Consider Airstream RV Travel

By |2017-09-01T09:30:06+00:00August 1st, 2017|
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Whatever your disability, chances are your needs are unique — here is how two different RV travelers, one para and one quad (Wanted: An RV That Fits Your Needs), went about finding their homes on wheels.

Gore’s wheelchair stays outside as she scoots and lifts herself when inside the Airstream.

Gore’s wheelchair stays outside as she scoots and lifts herself when inside the Airstream.


I travel with my hotel room behind my SUV. Actually, it’s not a hotel room; it’s an Airstream, and I camp with it. Well, that is if you consider traveling with everything, including a microwave and a flat-screen TV, actually camping.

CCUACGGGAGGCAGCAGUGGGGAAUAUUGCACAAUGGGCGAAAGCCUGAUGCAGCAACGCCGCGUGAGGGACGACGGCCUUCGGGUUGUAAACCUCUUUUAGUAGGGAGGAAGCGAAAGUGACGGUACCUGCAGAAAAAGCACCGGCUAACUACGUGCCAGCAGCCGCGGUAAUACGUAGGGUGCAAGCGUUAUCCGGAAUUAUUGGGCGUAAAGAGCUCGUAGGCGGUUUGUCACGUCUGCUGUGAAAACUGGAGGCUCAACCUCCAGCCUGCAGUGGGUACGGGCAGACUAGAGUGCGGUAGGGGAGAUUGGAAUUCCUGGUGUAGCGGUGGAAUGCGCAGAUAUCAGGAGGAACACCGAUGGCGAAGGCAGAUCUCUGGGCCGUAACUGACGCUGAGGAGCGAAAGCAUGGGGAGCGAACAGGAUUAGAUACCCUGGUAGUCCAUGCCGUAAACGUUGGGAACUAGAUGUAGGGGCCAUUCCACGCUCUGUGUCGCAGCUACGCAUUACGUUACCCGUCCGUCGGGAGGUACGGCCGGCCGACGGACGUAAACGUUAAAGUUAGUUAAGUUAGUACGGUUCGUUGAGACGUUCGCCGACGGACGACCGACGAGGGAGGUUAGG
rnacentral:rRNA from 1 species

I was born in 1958 with spina bifida. My parents pushed me to always do my best and live life to the fullest. While I worshipped my father in almost every way, the one trait we did not share is that he wanted nothing to do with the great outdoors. My mom grew up spending summers in the Adirondacks, but she was never able to inspire my father into leaving the comfort of central air and heat. Despite the fact I had never been camping, I must have inherited my mother’s passion for it, so decades ago I got it in my head that my bucket list included traveling in an Airstream.

For years I pored over Craigslist and eBay searching for the perfect Airstream. It was all part of the grand plan: After working for nearly 30 years for BellSouth (now AT&T), I would start a second career in public education with summers off to travel. At first the idea was to keep costs low by refurbishing a used Airstream. That all fell apart the day my husband, Mike, and I went “just to look” at a new one. After climbing around several different models, next thing you know I’m signing on the dotted line, committing myself to payments for the next 15 years.